+40.735.525.710 reservations@travelmaker.ro
5 STAR CERTIFICATE OF EXCELLENCE FROM TRIPADVISOR 2013-2021
+40.735.525.710 reservations@travelmaker.ro
5 STAR CERTIFICATE OF EXCELLENCE FROM TRIPADVISOR 2013-2021

Bucharest City Guide: Hidden Treasures for the Avid Traveller

For the avid, always curious traveller, there will always be hidden treasures and under the radar places to discover in a new city. If you’re planning on visiting Bucharest soon and you’re a fan of seeing places which are not so popular, then this article is for you.

This is not going to be your conventional Bucharest city guide. We’re going to uncover some secrets spots you shouldn’t miss.

Unconventional Bucharest’s attractions

1. The Xenofon stairway street

The Xenofon street is a 100 steps stairway and it’s the only one in Bucharest. It is 220 years old and it has less than 100 meters in length. To get here, you need to go to Cotroceni area, which is a quiet neighborhood with beautiful, old houses. This street will take you to the highest altitude point of the city.

Recently the steps have been painted by modern artists and they reflect Bucharest’s urban vibe.

2. Melik House

This house has been built back in 1750 and is currently the oldest one in Bucharest. You can visit the house because nowadays it hosts the Theodor Pallady Museum and it is open Wednesday through Sunday.

3. The Macca-Vilacrosse passage

This passage is a yellow glass covered arcaded street, which is located in central Bucharest and has the shape of a fork.

At the beginning of the 19th century, there was an inn built on what we call the Macca-Vilacrosse passage today. At the end of the 19th century, the inn was demolished and it was replaced by the structure we can admire today.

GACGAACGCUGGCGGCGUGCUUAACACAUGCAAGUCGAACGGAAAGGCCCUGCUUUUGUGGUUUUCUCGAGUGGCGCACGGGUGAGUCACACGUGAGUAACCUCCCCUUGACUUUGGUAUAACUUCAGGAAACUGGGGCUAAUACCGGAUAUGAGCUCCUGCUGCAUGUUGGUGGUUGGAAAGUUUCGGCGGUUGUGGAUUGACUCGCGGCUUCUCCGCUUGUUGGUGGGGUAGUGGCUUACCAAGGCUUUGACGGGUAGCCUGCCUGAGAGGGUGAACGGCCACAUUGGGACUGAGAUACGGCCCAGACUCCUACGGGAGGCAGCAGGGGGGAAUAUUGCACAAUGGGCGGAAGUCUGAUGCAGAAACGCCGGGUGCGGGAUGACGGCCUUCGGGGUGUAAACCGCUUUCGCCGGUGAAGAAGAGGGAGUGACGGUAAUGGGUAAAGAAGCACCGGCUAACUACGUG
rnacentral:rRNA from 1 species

The narrow street hosts a few restaurants, bars, cafes and a wine bar, so you can stop for a little while longer to admire the passage.

4. Vlad the Impaler’s Fortress

Vlad the Impaler is also known as Dracula if you didn’t know. This fortress located in the city of Bucharest, close to Piata Unirii.

The construction dates back to the 14th century and nowadays it is known as a water reservoir. In fact, many locals pass by the fortress every single day and don’t know its history.

For safety issues, access is permitted inside the construction only two days per year: on October 25th and on Heroes Day.

5. Mița Biciclista House

Right in the city center, there’s a breath-taking art nouveau style house in which Mița Biciclista (Mița the bicyclist) lived.

Her real name was Maria Mihăescu. She got that nickname from a man whose advances she refused. Also because she was the first woman to ride her bike and wear pants, which was something unacceptable in the 20th century.

Piata-Revolutiei

We hope our unconventional Bucharest city guide is going to help you get the most out of your trip. After all, you want to have some amazing stories when you return from vacation.

If you have a few more days to spare in Bucharest and want to see the popular places as well, then you can do so with our half-day tours.

On top of that, we recommend exploring the surroundings as well. It’s extremely easy to find an affordable tour and go on a short sightseeing trip near Bucharest.

Whenever you want to discover Romania’s capital, we’ll be delighted to be your Bucharest city guide. Feel free to give us a call at 40 735 525 710 if you want to find out more details about our tours.

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